By Judith Acosta
The other day a client of mine tearfully revealed a childhood filled with fear. Her father was an unpredictable and menacing man who was nearly as big as the front door. She was only a toddler, but she had vivid memories of him hollering as he came into the kitchen, the sweet smell of too much whiskey floating off his skin as he picked up a utensil to beat her mother. Her mother, also a drug user, in rage at her husband, tried to drown her daughter by pouring soap and water down her throat. With mere seconds to go, she was saved by a neighbor who had heard the screaming.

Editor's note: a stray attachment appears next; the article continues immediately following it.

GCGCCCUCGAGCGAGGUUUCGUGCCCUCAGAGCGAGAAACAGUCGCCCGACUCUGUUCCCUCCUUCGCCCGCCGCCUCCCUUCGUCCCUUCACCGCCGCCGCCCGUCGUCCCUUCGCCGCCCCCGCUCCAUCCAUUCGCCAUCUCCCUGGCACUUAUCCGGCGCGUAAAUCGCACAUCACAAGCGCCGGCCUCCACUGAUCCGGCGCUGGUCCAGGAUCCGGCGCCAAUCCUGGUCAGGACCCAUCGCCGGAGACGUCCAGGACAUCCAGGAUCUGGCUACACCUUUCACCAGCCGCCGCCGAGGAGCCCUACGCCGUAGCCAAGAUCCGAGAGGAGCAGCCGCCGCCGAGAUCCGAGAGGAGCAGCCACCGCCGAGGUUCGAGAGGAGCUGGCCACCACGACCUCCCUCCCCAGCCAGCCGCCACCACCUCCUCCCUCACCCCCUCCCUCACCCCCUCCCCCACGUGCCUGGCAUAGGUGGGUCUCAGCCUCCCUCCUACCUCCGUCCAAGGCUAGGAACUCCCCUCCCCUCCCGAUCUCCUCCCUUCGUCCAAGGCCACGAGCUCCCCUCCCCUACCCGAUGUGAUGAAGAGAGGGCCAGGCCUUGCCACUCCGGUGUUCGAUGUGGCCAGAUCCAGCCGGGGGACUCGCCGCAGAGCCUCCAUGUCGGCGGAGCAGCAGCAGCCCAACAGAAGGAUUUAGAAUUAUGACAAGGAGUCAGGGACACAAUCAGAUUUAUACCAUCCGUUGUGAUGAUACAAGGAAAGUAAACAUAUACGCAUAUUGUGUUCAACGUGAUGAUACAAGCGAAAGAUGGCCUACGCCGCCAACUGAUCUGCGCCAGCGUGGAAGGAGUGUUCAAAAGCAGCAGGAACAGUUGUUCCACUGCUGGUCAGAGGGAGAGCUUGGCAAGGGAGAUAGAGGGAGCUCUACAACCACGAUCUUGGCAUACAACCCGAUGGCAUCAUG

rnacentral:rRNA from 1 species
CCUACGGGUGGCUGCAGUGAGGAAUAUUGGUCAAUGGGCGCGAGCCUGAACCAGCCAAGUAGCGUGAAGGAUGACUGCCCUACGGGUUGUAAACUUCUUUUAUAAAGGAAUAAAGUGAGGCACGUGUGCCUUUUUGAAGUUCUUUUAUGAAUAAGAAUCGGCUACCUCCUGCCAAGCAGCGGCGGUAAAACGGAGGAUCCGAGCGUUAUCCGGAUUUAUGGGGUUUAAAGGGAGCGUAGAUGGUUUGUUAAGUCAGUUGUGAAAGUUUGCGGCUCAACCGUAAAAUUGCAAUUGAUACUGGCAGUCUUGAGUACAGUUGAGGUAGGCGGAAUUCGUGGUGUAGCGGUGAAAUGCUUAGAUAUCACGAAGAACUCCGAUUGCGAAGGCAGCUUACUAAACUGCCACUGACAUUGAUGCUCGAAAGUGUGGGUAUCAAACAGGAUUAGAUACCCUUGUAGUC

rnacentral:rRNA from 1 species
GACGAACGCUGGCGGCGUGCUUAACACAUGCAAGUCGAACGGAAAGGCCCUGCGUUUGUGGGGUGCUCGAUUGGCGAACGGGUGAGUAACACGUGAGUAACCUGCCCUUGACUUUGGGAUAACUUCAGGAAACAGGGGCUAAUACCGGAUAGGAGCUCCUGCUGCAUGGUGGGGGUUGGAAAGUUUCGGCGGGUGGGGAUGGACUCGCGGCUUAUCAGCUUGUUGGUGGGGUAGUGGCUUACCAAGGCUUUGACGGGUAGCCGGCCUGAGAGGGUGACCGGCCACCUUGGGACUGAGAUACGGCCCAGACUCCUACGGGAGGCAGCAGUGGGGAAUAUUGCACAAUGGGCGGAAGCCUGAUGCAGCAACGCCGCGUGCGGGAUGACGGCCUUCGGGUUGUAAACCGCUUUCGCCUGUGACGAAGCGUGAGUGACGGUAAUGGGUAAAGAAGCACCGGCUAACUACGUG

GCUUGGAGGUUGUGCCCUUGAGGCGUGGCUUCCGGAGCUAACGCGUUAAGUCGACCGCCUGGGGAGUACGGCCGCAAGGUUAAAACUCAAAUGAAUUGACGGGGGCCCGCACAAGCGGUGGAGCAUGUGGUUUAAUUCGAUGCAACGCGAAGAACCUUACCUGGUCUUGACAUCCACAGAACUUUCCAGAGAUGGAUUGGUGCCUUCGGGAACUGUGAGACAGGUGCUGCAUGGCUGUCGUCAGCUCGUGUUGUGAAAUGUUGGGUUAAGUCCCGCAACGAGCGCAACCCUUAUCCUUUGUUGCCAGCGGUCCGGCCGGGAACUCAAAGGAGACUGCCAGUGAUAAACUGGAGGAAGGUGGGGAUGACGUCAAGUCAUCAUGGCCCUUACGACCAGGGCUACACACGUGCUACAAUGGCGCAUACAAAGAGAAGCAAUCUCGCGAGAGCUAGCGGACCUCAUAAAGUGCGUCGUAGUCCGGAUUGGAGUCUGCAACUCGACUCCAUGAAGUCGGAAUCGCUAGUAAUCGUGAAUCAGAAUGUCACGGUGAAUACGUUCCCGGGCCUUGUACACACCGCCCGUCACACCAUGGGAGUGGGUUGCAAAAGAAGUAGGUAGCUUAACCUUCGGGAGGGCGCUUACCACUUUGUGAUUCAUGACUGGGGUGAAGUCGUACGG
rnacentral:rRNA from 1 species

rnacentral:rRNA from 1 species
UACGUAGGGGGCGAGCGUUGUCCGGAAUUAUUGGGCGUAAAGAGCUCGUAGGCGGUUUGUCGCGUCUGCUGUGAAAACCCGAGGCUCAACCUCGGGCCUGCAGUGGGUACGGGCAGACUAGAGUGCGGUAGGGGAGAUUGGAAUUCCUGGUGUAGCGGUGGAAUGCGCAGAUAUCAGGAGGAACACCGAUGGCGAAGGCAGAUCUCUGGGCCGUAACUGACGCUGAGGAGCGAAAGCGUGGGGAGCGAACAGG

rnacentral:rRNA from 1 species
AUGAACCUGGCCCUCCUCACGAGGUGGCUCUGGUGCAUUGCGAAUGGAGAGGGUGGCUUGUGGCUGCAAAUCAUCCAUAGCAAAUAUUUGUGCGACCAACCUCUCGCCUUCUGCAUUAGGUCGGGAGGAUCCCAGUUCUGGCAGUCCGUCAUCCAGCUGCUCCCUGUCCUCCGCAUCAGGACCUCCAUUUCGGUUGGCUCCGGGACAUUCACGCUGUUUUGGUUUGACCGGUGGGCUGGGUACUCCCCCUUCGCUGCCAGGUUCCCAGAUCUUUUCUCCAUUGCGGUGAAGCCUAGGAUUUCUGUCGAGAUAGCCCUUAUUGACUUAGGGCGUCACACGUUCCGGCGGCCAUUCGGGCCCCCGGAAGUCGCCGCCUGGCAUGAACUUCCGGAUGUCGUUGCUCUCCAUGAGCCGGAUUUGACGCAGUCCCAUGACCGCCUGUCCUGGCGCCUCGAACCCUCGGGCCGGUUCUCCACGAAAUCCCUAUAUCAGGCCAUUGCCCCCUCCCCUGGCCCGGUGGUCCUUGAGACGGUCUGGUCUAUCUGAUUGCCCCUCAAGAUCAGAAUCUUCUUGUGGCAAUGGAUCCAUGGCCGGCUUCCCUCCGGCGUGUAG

She cried silently for a while and then she asked me: “What did I do wrong?”
At first I heard her as any therapist would. Many, many — too many — children blame themselves for the horror they are born into. Why? Mainly because the people who are hurting them tell them that “It’s all their fault” and because they are children, they simply don’t know any better than to believe them.